Invest Your Non-Retirement Funds – The Essential Rules That Work for You

The moment you are done with the conventional retirement funds, chances are you will be looking at all that is left for you! If you ask an investment advisor, they will always suggest you make use of non-retirement funds, such as the after-tax money, mutual funds, and ETFs, along with conventional retirement funds.


The reasons for this are simple:

  • There are no contribution restrictions
  • There are zero penalties for taking out the cash before you are 60
  • You have the scope for significant investment growth

There are several scopes to maximize savings using non-retirement funds. Having said that, you should also look at some of the standard pitfalls that you can avert. To know more about this, you can check out Harding Financial Group.

However, when it comes to investing the non-retirement funds, the following rules can prove to be golden:

  1. Ensure that you are obtaining the retirement fund benefits

The first rule is to max out every retirement fund before starting the same. It is necessary to take full advantage of the 401k benefits. In case there is a match with the company, you have free money. All you have to do is max out any cash which you invest in the 401K to leverage the company match. That aside, your IRA will become completely tax-free till such time you leave it. You would want to take advantage of all of the benefits.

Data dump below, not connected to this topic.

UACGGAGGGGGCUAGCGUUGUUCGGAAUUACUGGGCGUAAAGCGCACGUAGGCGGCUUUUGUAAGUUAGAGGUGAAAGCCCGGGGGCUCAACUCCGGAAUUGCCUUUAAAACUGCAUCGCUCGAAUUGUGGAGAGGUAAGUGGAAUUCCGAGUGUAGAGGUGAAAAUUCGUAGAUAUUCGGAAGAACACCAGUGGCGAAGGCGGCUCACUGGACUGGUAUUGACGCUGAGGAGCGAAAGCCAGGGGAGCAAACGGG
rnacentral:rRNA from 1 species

1. Consider life insurance as your investment

It makes sense to look at life insurance as an investment. When there are kids who stay at home and have a huge mortgage on the house, there is a need for life insurance. Several people are skeptical about life insurance and want to avoid working toward any plan. And as you remind yourself that the life insurance is an investment for you, the payment becomes much easier.

  1. You need to hold the investments for over a year

As you invest right after the correct tax funds, you will get the tax benefit as a capital gains tax. And when you purchase the stock and then hold it for more than a year, chances are you will get the capital gains rates. However, if you sell it the next day, chances are that the income would be within the standard tax rate. It could mean that there is a difference of several dollars.

Finally, you have to consider the capital loss as the bank. The ETF or the stock that you purchase goes down, and you need to sell it. After that, you will have the ample experience loss. And with that loss, you can write off almost $3,000 annually on the tax return as a loss. Therefore, depending on the loss, you will have to find ways for writing on the tax return. But if you have one more stock which is appreciated to a huge extent, chances are that you can sell it and use the capital loss to offset the gain. After that, you are able to rebuyrebuy the highly appreciated stock and increase the basis. You will come across a few washes sale rules you can check out for in this situation, for instance, waiting for close to 30 days to rebuy the stock.

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